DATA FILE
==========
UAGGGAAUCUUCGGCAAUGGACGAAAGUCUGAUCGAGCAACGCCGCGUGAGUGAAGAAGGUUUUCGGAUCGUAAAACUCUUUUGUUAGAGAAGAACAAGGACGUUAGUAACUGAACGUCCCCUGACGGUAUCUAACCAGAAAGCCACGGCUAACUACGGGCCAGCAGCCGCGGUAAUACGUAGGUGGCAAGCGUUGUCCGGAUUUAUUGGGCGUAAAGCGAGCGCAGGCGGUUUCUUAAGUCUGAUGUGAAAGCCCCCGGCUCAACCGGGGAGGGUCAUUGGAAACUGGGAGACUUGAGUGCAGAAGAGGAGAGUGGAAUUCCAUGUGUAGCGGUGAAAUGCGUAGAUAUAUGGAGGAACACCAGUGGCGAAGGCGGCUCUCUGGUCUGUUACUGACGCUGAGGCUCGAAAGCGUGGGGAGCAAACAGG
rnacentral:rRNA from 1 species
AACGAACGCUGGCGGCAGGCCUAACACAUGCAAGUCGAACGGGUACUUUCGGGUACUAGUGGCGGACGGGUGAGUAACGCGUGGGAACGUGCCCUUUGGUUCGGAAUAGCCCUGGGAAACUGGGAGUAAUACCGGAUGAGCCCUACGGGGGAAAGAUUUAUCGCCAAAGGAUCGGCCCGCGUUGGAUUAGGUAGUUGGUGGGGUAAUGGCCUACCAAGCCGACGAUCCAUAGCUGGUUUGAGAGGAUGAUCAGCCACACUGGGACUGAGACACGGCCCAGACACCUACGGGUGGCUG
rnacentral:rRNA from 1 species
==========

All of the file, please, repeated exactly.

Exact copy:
UAGGGAAUCUUCGGCAAUGGACGAAAGUCUGAUCGAGCAACGCCGCGUGAGUGAAGAAGGUUUUCGGAUCGUAAAACUCUUUUGUUAGAGAAGAACAAGGACGUUAGUAACUGAACGUCCCCUGACGGUAUCUAACCAGAAAGCCACGGCUAACUACGGGCCAGCAGCCGCGGUAAUACGUAGGUGGCAAGCGUUGUCCGGAUUUAUUGGGCGUAAAGCGAGCGCAGGCGGUUUCUUAAGUCUGAUGUGAAAGCCCCCGGCUCAACCGGGGAGGGUCAUUGGAAACUGGGAGACUUGAGUGCAGAAGAGGAGAGUGGAAUUCCAUGUGUAGCGGUGAAAUGCGUAGAUAUAUGGAGGAACACCAGUGGCGAAGGCGGCUCUCUGGUCUGUUACUGACGCUGAGGCUCGAAAGCGUGGGGAGCAAACAGG
rnacentral:rRNA from 1 species
AACGAACGCUGGCGGCAGGCCUAACACAUGCAAGUCGAACGGGUACUUUCGGGUACUAGUGGCGGACGGGUGAGUAACGCGUGGGAACGUGCCCUUUGGUUCGGAAUAGCCCUGGGAAACUGGGAGUAAUACCGGAUGAGCCCUACGGGGGAAAGAUUUAUCGCCAAAGGAUCGGCCCGCGUUGGAUUAGGUAGUUGGUGGGGUAAUGGCCUACCAAGCCGACGAUCCAUAGCUGGUUUGAGAGGAUGAUCAGCCACACUGGGACUGAGACACGGCCCAGACACCUACGGGUGGCUG
rnacentral:rRNA from 1 species